Iconic designer Christian Louboutin is the go-to person when it comes to fashionable footwear, as his red-sole trademark altered the entire industry as we know it.
The French pumps mogul is used to hearing his name dropped in hip-hop lyrics and does not bat an eye when mentioning the biggest names in Hollywood cannot get enough of his designs.
Considering the fact the year is 2018, and his sky-high heels are more in style than ever, it is hard not to take Louboutin’s word for it when he slyly remarks that “anyway, we know now that I could still become a French president”.
The once rambunctious boy who got expelled from school several times and used to steal red nail polish bottles to paint the soles of his shoes spoke to Fern Mallis about he gained his unparalleled vision and why the sky is not the limit.
“Adults don’t realize that it’s really a pain in the neck when you’re a child and they say, ‘What do you want to be when you’re a big boy?’ I don’t know, give me a break. I can wait!” said Louboutin, laughing. “I had this friend at school who didn’t want to lie when adults asked her what she wanted to be. Me, on the other hand, I had no problem lying. So I said, ‘I want to design shoes.’ But I never thought that it was a real job.”
But what started off as a joke soon turned into reality, especially when his family and friends began bringing him shoe-related memorabilia and reading material. “I ended up collecting shoes, photographs, shoe things in general. I got into it,” he said, smiling.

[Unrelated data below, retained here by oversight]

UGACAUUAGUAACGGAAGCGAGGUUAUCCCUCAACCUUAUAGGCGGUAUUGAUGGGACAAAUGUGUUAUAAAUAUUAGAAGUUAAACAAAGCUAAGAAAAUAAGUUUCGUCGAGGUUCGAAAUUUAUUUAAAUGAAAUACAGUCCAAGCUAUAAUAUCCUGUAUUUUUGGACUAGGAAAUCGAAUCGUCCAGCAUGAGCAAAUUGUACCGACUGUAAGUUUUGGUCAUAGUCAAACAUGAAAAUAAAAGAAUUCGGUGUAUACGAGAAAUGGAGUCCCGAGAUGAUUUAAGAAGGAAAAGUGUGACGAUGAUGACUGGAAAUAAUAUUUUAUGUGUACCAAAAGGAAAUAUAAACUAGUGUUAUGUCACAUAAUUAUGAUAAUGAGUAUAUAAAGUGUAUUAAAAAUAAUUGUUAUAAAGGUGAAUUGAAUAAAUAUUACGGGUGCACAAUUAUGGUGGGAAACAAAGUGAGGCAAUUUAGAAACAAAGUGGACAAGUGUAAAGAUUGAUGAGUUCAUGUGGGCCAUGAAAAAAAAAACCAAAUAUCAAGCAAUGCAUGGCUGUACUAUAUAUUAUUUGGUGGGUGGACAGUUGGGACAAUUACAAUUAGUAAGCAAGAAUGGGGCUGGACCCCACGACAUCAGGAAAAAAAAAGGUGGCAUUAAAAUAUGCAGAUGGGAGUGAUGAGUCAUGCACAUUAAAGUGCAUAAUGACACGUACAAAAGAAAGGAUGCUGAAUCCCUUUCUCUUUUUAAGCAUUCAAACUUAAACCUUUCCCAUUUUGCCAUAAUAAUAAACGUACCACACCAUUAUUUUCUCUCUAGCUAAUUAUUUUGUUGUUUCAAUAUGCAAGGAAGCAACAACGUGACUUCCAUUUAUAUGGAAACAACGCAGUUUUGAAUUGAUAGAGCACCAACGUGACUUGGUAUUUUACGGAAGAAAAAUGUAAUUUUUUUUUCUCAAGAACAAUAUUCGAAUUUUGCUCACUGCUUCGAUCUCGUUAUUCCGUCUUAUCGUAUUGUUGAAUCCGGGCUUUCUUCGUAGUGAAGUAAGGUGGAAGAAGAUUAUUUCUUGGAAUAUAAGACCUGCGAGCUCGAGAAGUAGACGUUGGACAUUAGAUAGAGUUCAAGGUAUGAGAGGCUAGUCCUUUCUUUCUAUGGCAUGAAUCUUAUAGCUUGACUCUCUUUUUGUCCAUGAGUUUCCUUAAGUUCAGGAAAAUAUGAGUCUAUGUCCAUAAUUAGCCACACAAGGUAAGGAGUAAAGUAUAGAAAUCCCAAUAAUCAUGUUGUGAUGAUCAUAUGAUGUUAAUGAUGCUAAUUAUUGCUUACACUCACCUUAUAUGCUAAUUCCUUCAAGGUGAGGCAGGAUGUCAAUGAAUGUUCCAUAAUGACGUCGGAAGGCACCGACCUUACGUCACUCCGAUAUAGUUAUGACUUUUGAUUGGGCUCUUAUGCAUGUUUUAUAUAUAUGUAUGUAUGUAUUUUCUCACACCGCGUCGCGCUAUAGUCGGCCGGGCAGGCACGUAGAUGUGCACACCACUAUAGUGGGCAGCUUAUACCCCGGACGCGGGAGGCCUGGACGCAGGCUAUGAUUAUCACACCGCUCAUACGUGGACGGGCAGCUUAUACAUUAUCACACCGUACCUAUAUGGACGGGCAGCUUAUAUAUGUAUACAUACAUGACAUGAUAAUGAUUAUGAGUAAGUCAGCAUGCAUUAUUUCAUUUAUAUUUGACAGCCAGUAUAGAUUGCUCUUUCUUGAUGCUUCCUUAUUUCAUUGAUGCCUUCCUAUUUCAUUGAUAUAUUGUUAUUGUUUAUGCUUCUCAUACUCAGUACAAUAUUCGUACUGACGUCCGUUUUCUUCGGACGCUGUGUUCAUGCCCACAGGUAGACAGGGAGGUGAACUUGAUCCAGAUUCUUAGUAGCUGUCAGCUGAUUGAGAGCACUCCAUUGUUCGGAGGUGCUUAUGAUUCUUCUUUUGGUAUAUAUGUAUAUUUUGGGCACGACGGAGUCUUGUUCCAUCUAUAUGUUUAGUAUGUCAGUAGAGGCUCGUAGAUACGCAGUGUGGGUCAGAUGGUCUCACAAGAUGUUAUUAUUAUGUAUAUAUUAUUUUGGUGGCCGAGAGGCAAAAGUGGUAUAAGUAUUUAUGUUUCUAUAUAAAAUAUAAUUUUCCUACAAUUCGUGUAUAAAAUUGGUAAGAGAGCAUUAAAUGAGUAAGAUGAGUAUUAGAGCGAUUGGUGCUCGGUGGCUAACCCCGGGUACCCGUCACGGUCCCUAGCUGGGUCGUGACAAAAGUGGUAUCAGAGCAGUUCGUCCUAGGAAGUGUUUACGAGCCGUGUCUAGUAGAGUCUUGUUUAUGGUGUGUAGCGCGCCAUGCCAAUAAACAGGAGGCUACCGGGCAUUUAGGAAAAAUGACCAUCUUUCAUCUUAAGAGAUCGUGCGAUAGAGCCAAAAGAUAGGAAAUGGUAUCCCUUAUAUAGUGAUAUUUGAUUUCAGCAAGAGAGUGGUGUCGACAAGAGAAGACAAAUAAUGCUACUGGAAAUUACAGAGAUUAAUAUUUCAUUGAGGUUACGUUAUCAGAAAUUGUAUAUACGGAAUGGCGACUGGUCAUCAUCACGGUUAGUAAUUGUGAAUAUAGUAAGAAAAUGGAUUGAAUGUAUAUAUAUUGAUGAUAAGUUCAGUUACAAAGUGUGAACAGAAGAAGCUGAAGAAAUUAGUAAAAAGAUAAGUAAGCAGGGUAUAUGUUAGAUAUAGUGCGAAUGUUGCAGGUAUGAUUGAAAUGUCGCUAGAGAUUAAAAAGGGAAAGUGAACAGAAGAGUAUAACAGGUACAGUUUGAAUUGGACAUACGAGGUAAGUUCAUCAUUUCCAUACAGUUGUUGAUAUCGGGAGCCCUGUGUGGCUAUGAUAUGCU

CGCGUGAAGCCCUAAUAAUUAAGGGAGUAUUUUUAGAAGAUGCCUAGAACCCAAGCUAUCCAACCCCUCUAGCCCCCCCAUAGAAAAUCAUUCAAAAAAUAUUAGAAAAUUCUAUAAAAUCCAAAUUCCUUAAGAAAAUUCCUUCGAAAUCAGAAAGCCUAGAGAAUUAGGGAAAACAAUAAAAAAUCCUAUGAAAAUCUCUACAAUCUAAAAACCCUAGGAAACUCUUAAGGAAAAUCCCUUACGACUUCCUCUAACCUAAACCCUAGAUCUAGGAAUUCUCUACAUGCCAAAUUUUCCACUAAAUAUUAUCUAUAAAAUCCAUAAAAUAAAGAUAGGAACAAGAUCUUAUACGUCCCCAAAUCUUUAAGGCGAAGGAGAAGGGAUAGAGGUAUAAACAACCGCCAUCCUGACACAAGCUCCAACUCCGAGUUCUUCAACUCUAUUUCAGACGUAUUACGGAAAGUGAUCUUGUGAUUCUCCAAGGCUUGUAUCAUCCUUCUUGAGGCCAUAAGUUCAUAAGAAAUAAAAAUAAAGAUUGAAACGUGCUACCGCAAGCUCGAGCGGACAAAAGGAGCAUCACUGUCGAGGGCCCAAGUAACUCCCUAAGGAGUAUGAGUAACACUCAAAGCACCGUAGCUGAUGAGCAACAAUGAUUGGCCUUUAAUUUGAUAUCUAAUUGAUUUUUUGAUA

And when Louboutin turned 16, he quit school and landed a job at Folies-Bergère, an infamous cabaret in Paris. “It was a good way to know about shoes because, for showgirls, shoes are very important. They have very little costume, in general,” he noted with a wink, “so they know how to express a lot with shoes.”
The man who fell in love with glitz and glam worked hard to reach the pedestal on which his shoe empire stand on now, but he never gave up on his spunk even when his name was not associated with high-end luxury.
For example, he would not give out his shoes for free – not to Princess Caroline of Monaco (“Princesses are like everybody. They walk, they don’t fly; they pay for their own things; they leave”) nor the costume designers of Sex And The City.
“You’re dying to have this thing or that thing? That’s an important feeling that everybody should be able to have, regardless of how famous you are. So it’s actually an act of charity that I’m doing [by not giving away the shoes for free],” he said. “That said, I give shoes to friends — so if you’re a friend, celebrity or not, I give shoes. But I’m not saying all stars are good friends of mine.”